Trucker smuggled cocaine worth millions

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The Independent Online

A lorry driver who claimed to be smuggling drugs to pay off debts to a criminal gang admitted today bringing millions of pounds-worth of cocaine into the country.

Cameron McFarlane, 48, was caught with a large quantity of cocaine in his truck on the M80 motorway, close to Falkirk in central Scotland.



He pleaded guilty at the High Court in Glasgow today to being involved in the supply of a controlled substance.



Prosecutors believe the drug, which was about seven times purer than cocaine normally found in the area, had an estimated street value of £4.2m.



McFarlane, who lived in Alloa, Clackmannanshire, with his wife and stepchildren, was stopped by police at about 11.40pm on 10 October.



His truck was taken to a revenue and customs office for inspection and he admitted that he was transporting drugs, although he said he did not know what the substance was.



Advocate-depute Alistair Carmichael told the court: "The accused informed the police there were what he described as 15 blocks of controlled drugs in the back of the lorry."



A search by Central Scotland Police uncovered the drugs, as well as Russian roubles worth £750, the court heard.



McFarlane was arrested in the early hours of 11 October. In a police interview, he said he was smuggling the drugs to clear debts owed to a criminal gang. He admitted bringing drugs into the country three times.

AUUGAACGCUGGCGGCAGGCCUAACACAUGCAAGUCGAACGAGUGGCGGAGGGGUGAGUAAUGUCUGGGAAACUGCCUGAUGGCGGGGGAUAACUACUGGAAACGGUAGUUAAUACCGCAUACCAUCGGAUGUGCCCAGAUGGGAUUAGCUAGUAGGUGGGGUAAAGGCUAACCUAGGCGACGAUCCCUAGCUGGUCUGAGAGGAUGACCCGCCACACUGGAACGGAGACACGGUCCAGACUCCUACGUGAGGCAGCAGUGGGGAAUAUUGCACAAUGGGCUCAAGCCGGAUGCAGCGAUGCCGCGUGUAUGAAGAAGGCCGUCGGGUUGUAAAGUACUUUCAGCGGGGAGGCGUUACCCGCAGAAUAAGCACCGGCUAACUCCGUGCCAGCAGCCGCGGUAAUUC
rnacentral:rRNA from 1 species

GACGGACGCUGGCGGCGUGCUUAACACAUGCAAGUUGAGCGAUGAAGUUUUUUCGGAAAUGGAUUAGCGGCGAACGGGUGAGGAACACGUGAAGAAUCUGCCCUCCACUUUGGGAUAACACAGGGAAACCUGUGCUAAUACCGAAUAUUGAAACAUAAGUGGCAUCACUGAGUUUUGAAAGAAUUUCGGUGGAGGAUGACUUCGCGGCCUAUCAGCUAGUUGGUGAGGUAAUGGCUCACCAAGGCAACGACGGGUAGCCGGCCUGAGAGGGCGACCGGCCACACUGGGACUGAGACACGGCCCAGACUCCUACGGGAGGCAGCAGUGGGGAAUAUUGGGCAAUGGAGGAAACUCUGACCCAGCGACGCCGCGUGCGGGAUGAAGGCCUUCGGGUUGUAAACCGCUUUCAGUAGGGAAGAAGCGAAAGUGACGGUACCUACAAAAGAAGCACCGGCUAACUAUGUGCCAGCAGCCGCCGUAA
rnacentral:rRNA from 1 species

This went back to a previous conviction several years earlier, he told police. He was once caught trying to smuggle 50,000 cigarettes into the UK and was imprisoned for two years.



His failure to bring the tobacco into the country left him saddled with a huge debt and he was compelled to smuggle the drugs to pay this off, the court heard.



Mr Carmichael said: "He had since been released from his prison sentence, and he had been working to pay off his debt by transporting large quantities of drugs in and out of the country."



The cocaine found in his lorry was 73 per cent pure, Mr Carmichael said. Cocaine seized in the Central Scotland area was normally about 10 per cent pure, meaning the drug had a high street value when cut up and sold.



Lord Brailsford, hearing the case, called for social inquiry reports and deferred sentence until next month.